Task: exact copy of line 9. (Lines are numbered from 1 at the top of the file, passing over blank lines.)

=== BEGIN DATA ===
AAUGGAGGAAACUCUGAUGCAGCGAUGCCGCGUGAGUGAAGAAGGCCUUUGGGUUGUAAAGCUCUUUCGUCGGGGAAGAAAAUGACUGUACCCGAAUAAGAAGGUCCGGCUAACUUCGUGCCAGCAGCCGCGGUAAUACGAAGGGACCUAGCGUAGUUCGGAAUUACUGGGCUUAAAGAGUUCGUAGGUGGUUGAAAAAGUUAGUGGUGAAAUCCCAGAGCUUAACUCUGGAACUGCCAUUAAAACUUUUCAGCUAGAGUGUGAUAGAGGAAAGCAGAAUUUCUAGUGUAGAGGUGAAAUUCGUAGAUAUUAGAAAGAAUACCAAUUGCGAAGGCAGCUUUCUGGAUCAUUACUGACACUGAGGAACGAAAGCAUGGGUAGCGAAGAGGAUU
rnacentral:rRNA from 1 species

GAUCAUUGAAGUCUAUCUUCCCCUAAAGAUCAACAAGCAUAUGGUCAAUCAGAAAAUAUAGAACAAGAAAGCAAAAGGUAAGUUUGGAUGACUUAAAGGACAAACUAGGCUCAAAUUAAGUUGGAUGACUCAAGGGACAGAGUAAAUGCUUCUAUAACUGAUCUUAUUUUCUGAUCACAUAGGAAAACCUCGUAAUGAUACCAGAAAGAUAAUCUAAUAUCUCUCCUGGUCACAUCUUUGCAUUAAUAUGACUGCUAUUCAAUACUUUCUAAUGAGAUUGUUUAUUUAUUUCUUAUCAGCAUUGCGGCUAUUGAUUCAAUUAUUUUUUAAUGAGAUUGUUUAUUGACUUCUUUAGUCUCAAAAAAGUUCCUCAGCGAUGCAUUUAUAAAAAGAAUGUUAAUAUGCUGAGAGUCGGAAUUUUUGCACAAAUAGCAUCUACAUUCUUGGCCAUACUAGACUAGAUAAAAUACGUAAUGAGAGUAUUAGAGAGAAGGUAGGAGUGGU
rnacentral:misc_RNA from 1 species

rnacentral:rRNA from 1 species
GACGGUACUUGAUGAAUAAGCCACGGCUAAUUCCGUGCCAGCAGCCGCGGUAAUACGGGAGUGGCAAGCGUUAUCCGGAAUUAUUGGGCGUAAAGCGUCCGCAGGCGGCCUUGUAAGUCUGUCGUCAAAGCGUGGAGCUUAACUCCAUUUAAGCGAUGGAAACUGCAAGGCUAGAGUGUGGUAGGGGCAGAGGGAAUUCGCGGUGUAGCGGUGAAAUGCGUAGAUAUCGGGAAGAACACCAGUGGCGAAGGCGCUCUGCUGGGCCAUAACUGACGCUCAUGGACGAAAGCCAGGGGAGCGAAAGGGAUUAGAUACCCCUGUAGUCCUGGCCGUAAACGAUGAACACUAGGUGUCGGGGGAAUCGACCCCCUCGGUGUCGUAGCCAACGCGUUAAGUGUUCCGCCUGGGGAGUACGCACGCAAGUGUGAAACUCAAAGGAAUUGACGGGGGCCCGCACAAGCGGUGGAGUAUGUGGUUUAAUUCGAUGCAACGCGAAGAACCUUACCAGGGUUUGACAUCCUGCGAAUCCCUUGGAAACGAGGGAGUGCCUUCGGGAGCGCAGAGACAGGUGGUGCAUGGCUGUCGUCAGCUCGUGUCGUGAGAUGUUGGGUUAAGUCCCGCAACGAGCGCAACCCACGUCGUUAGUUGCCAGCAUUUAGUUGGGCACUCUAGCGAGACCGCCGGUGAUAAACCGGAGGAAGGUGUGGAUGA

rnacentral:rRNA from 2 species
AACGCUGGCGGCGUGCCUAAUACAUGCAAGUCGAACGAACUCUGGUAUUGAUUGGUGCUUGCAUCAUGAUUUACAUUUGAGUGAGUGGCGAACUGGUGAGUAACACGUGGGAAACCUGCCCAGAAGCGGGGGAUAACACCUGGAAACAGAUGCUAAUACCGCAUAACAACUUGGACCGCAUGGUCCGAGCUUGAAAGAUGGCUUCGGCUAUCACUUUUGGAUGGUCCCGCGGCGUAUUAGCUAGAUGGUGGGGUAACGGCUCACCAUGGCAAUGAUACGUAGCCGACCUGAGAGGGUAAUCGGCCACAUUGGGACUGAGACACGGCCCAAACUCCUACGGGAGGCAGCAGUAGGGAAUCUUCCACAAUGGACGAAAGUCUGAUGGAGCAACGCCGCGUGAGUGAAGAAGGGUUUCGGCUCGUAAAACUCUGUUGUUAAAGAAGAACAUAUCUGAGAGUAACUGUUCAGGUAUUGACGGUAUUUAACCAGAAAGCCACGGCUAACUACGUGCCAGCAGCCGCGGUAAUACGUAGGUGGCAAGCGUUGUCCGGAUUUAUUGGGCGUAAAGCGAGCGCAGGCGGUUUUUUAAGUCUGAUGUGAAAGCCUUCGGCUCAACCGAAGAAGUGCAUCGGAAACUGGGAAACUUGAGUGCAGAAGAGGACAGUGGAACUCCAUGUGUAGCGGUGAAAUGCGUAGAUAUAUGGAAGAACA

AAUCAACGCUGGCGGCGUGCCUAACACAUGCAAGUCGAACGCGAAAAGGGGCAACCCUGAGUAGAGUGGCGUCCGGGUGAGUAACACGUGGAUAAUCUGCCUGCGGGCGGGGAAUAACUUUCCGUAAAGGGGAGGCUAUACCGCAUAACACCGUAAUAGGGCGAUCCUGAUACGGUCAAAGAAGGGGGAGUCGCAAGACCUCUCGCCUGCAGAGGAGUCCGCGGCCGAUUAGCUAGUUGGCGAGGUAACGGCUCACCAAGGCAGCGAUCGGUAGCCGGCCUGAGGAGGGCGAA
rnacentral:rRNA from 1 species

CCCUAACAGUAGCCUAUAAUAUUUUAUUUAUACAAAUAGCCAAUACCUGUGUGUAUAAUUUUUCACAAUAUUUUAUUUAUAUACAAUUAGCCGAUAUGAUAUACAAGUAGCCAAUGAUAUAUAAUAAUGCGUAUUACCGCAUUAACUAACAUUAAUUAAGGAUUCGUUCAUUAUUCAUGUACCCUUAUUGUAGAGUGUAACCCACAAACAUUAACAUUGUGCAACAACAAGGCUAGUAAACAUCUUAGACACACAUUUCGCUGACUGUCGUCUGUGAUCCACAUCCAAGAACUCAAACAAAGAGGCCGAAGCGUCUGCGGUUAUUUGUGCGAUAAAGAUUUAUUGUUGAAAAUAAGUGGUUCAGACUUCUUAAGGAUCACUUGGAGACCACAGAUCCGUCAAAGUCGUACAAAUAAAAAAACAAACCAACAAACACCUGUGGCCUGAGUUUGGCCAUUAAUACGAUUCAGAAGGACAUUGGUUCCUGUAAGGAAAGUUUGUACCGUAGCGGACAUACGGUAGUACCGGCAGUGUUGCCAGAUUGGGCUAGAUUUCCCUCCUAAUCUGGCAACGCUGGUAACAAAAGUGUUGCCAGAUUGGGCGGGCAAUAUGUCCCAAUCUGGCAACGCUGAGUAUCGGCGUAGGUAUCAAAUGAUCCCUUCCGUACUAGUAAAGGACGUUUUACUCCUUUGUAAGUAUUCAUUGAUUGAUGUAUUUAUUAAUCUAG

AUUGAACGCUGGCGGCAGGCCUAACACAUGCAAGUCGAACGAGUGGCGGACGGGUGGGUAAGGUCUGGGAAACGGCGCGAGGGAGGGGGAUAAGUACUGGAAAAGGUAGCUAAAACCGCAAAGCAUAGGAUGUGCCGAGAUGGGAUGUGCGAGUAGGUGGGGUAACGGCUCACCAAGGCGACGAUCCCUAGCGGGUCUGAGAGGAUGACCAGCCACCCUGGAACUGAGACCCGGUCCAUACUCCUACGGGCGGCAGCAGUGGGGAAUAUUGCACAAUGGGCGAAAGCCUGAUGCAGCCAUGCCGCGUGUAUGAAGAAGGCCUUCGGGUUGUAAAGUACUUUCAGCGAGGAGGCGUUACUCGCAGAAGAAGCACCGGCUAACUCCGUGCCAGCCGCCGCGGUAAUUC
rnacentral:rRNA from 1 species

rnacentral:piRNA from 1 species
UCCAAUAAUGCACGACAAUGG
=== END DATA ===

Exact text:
AAUCAACGCUGGCGGCGUGCCUAACACAUGCAAGUCGAACGCGAAAAGGGGCAACCCUGAGUAGAGUGGCGUCCGGGUGAGUAACACGUGGAUAAUCUGCCUGCGGGCGGGGAAUAACUUUCCGUAAAGGGGAGGCUAUACCGCAUAACACCGUAAUAGGGCGAUCCUGAUACGGUCAAAGAAGGGGGAGUCGCAAGACCUCUCGCCUGCAGAGGAGUCCGCGGCCGAUUAGCUAGUUGGCGAGGUAACGGCUCACCAAGGCAGCGAUCGGUAGCCGGCCUGAGGAGGGCGAA